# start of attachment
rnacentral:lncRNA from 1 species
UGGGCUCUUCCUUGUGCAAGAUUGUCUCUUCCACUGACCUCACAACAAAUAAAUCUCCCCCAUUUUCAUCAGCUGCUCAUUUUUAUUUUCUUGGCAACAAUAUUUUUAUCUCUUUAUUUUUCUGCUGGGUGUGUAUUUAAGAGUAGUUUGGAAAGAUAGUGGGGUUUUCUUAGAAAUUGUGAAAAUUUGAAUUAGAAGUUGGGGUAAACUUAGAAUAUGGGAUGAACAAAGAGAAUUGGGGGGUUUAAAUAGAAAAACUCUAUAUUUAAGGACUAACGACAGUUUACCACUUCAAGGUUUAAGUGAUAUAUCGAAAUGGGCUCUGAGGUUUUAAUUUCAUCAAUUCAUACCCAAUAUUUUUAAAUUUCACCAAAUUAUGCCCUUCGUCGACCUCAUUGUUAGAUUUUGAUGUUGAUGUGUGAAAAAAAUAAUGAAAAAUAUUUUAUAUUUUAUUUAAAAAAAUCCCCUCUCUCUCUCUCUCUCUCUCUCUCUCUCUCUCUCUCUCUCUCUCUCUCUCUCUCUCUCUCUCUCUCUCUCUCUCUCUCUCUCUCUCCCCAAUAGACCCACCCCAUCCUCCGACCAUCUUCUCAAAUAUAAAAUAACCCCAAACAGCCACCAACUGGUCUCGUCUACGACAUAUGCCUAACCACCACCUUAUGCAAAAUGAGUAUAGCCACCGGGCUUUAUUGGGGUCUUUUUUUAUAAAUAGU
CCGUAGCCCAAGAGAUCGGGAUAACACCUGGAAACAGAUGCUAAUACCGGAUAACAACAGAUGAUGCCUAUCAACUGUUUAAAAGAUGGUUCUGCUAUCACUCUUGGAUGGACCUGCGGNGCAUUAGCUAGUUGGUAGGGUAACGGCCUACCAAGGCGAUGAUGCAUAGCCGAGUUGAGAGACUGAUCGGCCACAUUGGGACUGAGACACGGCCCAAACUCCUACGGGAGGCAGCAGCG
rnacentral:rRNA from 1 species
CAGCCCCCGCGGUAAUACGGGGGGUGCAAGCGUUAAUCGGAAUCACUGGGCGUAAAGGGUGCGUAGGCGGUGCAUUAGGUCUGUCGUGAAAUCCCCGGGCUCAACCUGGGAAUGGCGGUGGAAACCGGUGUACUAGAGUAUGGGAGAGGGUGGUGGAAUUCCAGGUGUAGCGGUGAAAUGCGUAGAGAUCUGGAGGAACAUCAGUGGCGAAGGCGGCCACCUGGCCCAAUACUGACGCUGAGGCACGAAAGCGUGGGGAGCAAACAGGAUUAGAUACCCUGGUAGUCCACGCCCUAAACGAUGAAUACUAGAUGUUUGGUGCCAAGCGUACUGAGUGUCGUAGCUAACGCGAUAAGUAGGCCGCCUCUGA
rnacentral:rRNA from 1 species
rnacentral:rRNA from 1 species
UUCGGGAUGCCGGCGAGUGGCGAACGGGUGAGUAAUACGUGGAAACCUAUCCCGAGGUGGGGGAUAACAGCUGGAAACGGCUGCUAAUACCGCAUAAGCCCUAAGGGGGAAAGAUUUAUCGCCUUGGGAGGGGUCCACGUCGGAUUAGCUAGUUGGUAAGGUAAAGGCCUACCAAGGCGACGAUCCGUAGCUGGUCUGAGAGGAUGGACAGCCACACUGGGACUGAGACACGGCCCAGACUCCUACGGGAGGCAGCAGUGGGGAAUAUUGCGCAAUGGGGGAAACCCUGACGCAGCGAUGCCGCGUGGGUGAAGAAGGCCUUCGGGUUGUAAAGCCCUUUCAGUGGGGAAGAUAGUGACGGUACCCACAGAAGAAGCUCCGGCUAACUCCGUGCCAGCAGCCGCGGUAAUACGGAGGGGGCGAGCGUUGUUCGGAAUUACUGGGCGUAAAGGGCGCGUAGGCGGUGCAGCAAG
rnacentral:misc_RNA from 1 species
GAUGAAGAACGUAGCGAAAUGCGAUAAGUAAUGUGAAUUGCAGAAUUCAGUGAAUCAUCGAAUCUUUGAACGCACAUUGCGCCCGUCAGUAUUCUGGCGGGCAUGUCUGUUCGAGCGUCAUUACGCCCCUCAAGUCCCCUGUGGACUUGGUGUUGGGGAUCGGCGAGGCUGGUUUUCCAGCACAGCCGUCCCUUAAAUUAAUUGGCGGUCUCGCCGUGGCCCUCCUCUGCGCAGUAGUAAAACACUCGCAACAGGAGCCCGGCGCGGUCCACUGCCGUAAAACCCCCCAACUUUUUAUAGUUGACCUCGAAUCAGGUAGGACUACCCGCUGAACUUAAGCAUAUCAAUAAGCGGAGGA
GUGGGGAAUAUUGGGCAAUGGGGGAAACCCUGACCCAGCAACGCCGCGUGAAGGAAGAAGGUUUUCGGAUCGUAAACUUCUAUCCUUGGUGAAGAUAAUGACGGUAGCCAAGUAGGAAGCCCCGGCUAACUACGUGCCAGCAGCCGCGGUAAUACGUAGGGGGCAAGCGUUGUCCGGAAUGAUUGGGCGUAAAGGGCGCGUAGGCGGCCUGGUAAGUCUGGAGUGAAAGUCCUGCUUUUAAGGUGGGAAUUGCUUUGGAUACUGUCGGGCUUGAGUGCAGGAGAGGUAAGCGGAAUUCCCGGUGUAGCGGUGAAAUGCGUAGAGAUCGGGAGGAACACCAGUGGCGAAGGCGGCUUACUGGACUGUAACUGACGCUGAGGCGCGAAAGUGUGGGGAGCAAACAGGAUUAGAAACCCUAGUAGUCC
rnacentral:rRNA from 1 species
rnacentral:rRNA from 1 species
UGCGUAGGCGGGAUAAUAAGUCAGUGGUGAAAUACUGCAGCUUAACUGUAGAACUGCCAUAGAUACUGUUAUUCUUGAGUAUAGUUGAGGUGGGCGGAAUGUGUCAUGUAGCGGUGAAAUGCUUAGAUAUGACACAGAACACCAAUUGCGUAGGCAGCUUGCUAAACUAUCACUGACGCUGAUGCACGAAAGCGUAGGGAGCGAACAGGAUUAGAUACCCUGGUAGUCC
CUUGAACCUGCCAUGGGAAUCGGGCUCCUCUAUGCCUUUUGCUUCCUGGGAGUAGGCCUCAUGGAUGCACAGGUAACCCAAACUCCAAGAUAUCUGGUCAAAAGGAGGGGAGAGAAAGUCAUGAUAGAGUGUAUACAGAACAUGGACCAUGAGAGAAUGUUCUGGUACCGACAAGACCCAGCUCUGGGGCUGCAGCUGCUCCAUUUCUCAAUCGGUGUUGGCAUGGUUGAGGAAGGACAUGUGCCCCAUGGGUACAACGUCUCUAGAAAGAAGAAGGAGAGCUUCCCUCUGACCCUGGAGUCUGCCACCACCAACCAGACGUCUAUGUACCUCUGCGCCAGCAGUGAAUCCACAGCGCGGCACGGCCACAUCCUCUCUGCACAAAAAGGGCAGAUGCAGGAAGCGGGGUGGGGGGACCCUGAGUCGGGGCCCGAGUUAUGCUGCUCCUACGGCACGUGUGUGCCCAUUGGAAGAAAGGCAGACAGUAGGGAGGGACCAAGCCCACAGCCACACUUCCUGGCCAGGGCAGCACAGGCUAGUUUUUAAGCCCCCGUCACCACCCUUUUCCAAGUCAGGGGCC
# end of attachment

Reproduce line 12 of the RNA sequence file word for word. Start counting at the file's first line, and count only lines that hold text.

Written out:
rnacentral:rRNA from 1 species